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"Fargo" Review: In “Myth of Sisyphus,” knowledge is power

“Fargo” revolves around what characters know and don’t know


/ Courtesy of FX The Spectrum

TV Show: Fargo

Network: FX

Grade: A

In the Greek myth of Sisyphus, a cursed man is tasked to push a boulder up a hill only have it fall back down – for eternity. In “Fargo’s” “The Myth of Sisyphus,” Lou Solverson (Patrick Wilson) pushes both the Gerhardts and the Kansas City gang for answers only to have his attempts seem just as futile as the Greek legend.

While Sisyphus himself can never complete his task, Solverson seems to be getting closer with each push.

This episode sees Solverson finally get his deserved center stage.

Edgy standoffs with Dodd Gerhardt (Jeffery Donovan) and Mike Milligan (Bokeem Woodbine) push the tension of the show to new levels. The character of Solverson is fleshed out much more as we start to see a picture of what he’s like. He’s unflinching when surrounded by Gerhardt’s armed henchman and remains steadfast while staring down the barrel of the Kitchen brothers’ shotguns.

Beyond Solverson’s development, Monday’s episode – as much of the plot in “Fargo”tends to do – focused on knowledge.

The audience knows the facts: Rye Gerhardt (Kieran Culkin) is dead, having killed three people in a shakedown gone wrong. Peggy Blumquist (Kirsten Dunst) killed him after hitting him with his car and her husband Ed (Jesse Plemons) helped her cover up the crime.

The characters, however, know very little.

The police, the Gerhardts and the Kansas City gang are looking for murderer-turned-roadkill Rye Gerhardt, but none of them know he’s dead.

In fact, only the Blumquists know of Rye’s fate – but they know very little about the gang war that seems to be brewing. The Gerhardts think the Kansas City gang has them while the police think the Gerhardts are hiding Rye’s whereabouts. It’s all wonderfully interconnected without any party knowing too much.

This is particularly obvious in one scene where Betsy Solverson (Cristin Milioti) develops a theory that Rye was hit by a car in the road and that the person drove away – which is, of course, exactly what happened.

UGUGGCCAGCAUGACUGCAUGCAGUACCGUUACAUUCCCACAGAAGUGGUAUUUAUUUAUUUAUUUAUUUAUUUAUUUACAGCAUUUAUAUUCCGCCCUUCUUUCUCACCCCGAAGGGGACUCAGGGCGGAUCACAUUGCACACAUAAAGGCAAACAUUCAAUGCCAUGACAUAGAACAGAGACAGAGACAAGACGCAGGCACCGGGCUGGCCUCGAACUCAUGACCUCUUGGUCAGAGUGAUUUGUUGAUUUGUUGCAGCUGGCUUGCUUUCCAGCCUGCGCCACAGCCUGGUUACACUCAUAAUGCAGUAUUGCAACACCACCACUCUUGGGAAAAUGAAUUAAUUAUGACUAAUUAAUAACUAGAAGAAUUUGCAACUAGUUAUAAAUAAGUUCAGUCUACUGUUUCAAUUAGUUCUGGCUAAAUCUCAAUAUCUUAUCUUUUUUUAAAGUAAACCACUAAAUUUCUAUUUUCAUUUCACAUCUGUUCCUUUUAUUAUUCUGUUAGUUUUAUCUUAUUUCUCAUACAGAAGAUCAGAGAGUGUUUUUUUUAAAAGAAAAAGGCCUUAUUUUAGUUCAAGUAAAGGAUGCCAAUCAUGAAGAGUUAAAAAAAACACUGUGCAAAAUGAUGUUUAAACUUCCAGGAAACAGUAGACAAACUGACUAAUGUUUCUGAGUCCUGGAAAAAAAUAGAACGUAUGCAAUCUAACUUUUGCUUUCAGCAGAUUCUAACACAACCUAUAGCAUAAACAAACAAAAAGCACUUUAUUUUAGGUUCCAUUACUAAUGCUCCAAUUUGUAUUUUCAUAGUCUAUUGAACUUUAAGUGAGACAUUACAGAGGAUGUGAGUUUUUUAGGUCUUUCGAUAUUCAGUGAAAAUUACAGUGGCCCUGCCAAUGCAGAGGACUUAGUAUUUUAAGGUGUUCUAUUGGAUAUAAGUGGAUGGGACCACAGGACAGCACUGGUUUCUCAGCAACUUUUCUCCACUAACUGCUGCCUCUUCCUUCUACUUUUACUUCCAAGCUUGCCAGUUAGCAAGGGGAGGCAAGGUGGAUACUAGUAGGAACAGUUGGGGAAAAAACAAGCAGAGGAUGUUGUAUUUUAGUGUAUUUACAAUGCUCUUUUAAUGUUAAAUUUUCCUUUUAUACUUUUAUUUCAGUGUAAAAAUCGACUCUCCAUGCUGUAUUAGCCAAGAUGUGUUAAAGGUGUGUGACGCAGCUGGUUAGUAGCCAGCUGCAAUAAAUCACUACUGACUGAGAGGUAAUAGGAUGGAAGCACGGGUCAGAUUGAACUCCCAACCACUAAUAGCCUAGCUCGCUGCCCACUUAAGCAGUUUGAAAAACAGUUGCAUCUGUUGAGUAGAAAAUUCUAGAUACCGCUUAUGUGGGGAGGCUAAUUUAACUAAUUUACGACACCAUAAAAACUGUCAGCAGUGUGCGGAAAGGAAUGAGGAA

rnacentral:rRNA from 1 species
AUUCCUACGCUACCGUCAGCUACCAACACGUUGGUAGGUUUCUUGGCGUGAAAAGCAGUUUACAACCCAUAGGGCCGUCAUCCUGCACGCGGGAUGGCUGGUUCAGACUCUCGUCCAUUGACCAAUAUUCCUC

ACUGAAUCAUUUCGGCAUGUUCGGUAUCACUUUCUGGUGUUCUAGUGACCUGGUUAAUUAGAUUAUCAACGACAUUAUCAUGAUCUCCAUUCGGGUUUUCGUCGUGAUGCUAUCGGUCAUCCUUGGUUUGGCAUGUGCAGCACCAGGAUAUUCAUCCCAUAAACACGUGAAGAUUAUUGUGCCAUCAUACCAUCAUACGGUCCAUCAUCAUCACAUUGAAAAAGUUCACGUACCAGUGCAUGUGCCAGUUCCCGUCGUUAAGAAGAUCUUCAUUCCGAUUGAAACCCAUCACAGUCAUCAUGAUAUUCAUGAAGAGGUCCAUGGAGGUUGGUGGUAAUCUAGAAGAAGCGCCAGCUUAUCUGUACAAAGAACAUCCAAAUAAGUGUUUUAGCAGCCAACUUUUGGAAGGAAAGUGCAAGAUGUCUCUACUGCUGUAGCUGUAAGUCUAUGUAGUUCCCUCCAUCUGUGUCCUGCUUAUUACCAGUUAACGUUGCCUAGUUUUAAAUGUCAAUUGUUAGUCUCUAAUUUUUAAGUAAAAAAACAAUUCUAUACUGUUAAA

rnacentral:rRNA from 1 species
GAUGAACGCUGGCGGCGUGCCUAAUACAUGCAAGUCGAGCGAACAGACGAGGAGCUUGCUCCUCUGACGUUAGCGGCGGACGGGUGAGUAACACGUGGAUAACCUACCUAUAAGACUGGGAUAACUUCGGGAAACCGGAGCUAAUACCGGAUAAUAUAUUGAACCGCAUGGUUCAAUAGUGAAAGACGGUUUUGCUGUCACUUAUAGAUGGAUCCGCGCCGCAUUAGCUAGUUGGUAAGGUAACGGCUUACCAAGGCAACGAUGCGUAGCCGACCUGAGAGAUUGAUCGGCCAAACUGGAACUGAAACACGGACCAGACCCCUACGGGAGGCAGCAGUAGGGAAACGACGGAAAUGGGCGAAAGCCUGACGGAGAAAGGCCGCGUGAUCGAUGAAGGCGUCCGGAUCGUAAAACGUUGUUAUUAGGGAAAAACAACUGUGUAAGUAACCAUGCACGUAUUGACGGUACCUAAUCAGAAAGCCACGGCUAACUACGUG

Blumquist, nervous that the police might catch on, dismisses it as crazy.

Hank Larsson (Ted Danson) comically says, “It’s not like you’ll drive home with a Gerhardt in your windshield and make supper.”

Again, this is exactly what Blumquist did but Larsson has no way of knowing that and dismisses the theory.

Furthering the pursuit of knowledge and by extension power, Dodd finds a typewriter salesman who had gotten mixed up with Rye. After asking him a few questions about where Rye is, he buries the man alive.

The brutality of Dodd is becoming more and more apparent.

He roughhouses his own daughter, brutally kills a man and nearly kills Solverson. He is plotting to undermine Floyd Gerhardt (Jean Smart) and his erratic violent behavior makes him a loose cannon in the Gerhardt gang.

Meanwhile, the Blumquists continue to cover up their hit-and-run-and-stab-in-a-garage crime by taking care of the car used.

Ed drives into a tree so they can get it fixed up without anyone questioning the human-sized hole in the windshield.

Smart thinking for a couple of simple Minnesota folk.

On a final note, a man at a gas station talks to Solverson about more reports of alien activity. It’s going to be interesting how, if at all, the alien subplot actually links at all with the main plot of “Fargo.”

Dan McKeon is a contributing arts writer. Arts desk can be reached at arts@ubspectrum.com.


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